If it is determined that the taxpayer had a debtor-creditor relationship, then a non-business bad debt deduction under IRC Section 166(d) may be an option for a taxpayer to reduce their tax liability. Generally, non-business bad debt losses are treated as short-term capital losses. Documentation and taking action to recoup the loan are key in taking this deduction, and the debt must also be considered wholly worthless. Partial deductibility of a non-business bad debt is not allowed.
Abandonment losses are allowed for intangible property under IRC Section 165(a). However, the taxpayer must prove three items:
- Ownership of the property prior to abandonment
- An intent to abandon the property
- Affirmative action to abandon the property
The taxpayer shoulders the burden of proof for all three items. In the case of the multiple cryptocurrency exchange insolvencies, it is wise to keep documentation of the purchases on each platform. This could help substantiate ownership of the property before the abandonment. The second and third criteria are typically determined based on facts and circumstances. In order meet the criteria for intent to abandon the property, "express manifestation" is required. This may require documentation of conversations with legal counsel and written documentation with the entities that filed for bankruptcy themselves. As is common in cryptocurrency reporting, accurate records are key. Documentation for the amount claimed as a deduction for the abandonment of property is critical. As such, taxpayers should download a copy of their transaction history before these entities potentially remove access to user accounts.
Abandonment of intangible property is generally treated as an ordinary loss. The burden of proof and proper documentation are critical when taking this position to preserve the ordinary loss characterization. For example, in Watts v. Commissioner, the IRS reclassified an ordinary loss to a capital loss because the taxpayer failed to provide proper documentation.
Ponzi Scheme Exception
IRS Revenue Ruling 2009-9 provides tax relief to taxpayers that fall victim to Ponzi schemes. The example provided in the Revenue Ruling describes Taxpayer (A) opening an investment account with investment advisor B. Taxpayer A entered into a transaction for profit and A instructed B to reinvest any income and gain earned on investments. In a later year, it was discovered that B’s activity was in fact a fraudulent investment arrangement known as a “Ponzi” scheme.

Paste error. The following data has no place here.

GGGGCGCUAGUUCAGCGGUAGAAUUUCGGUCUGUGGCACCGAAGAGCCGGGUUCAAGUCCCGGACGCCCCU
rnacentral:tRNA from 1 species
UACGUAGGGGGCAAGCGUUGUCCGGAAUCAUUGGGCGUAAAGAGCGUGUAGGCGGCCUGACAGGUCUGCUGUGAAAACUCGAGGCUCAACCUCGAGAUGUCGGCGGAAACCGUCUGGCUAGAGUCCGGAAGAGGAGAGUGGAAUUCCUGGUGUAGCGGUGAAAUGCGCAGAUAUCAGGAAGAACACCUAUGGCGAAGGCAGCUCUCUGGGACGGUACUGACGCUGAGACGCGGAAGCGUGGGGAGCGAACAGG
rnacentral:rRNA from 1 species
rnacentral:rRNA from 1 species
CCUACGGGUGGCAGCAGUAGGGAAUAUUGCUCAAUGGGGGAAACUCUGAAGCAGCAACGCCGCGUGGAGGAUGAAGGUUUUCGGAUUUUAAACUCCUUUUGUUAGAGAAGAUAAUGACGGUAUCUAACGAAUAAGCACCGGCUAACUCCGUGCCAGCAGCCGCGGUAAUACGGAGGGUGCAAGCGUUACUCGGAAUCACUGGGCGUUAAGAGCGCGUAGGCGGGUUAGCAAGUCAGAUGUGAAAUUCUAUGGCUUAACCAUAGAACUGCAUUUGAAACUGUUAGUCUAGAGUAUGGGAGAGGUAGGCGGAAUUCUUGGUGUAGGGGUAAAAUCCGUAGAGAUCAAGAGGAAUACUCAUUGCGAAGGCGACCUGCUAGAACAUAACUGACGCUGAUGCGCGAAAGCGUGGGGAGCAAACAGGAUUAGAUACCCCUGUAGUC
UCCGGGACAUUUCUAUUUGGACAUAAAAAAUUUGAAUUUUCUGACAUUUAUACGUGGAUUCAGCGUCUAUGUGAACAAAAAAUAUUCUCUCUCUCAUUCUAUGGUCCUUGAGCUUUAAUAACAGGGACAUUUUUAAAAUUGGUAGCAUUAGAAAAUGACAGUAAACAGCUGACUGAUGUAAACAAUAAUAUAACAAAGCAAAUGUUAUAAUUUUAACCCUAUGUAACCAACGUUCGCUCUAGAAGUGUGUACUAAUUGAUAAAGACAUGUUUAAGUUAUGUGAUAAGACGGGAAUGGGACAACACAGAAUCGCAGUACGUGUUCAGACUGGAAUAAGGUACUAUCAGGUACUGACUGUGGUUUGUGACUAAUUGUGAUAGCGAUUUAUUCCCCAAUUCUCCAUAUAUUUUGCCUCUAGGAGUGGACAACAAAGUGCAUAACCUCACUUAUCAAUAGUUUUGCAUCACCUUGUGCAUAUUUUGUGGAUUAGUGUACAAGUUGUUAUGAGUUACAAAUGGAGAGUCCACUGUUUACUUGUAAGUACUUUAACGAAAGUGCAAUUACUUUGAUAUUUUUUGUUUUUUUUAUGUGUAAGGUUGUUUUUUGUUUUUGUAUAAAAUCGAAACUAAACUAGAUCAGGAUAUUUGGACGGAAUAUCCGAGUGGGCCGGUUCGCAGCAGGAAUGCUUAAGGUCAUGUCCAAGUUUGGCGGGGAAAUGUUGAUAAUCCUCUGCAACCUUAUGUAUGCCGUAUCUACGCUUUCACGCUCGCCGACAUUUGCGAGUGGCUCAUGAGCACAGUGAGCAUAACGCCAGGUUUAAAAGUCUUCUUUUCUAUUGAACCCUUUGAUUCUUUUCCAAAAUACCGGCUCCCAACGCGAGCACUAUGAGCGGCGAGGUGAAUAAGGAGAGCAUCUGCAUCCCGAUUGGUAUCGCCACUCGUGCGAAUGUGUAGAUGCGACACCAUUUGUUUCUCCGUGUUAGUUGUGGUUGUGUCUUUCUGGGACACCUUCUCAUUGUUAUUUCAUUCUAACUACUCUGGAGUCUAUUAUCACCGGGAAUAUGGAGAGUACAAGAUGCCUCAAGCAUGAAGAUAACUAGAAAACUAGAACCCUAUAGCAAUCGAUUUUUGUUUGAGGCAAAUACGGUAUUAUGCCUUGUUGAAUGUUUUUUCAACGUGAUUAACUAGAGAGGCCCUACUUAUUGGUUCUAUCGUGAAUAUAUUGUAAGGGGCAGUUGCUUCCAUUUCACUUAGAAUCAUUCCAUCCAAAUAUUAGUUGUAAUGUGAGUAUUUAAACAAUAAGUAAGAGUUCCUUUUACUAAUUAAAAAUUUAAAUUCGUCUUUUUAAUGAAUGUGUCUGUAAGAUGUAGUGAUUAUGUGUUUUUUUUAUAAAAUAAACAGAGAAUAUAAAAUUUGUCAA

The Revenue Ruling describes a scenario allowing a reportable loss for the amount of A’s original investment. The Revenue Ruling states, “A’s loss also includes the amounts that A reported as gross income on A's federal income tax returns. If A has a claim for reimbursement with respect to which there is a reasonable prospect of recovery, A may not deduct in Year 8 the portion of the loss that is covered by the claim.” The reportable loss is also reduced by any withdrawals provided to the client.
The question at hand then becomes: Was FTX a Ponzi scheme? Revenue Ruling 77-17, states that officers or directors merely committing fraud is not sufficient to deem their actions as a Ponzi scheme, but that their intent to defraud is a material factor.
This deduction is claimed on Form 4864 and Schedule A of Form 1040. A safe harbor under Revenue Procedure 2009-20 is an additional option. While this is considered a theft loss (previously discussed above), it is still allowed as a deduction in tax years 2018–2025.
Calculating the Economic Benefit
Working through the arithmetic in each scenario outlined above likely has a different outcome. For example, if Taxpayer A held $10,000 on FTX and has an effective tax rate of 21%, and Taxpayer A reports the $10,000 as an ordinary loss under the abandonment of intangibles rules, the taxpayer should realize a net tax benefit of $2,100 (10,000 x 21%). However, had the taxpayer waited until the FTX bankruptcy proceedings were complete and hypothetically received $4,000 of their $10,000 investment, this cash position may be better than paying $2,100 less tax. In this example, the taxpayer may also be able to claim a $6,000 capital loss on top of the $4,000 they received because of the bankruptcy proceedings. Of course, the taxpayer will also need to weigh time value of money since these bankruptcy proceedings could drag on for years. However, if taxpayers can reasonably expect to receive a portion of their initial investment, they may have no other option than to wait.
Ultimately, the facts and circumstances for each taxpayer may be different. There is no blanket answer for all taxpayers that have been impacted by these cryptocurrency insolvencies. These unfortunate situations have created a complex tax situation for many taxpayers. As such, accountants and tax advisors should independently analyze the facts and circumstances of each taxpayer before determining how to report these losses.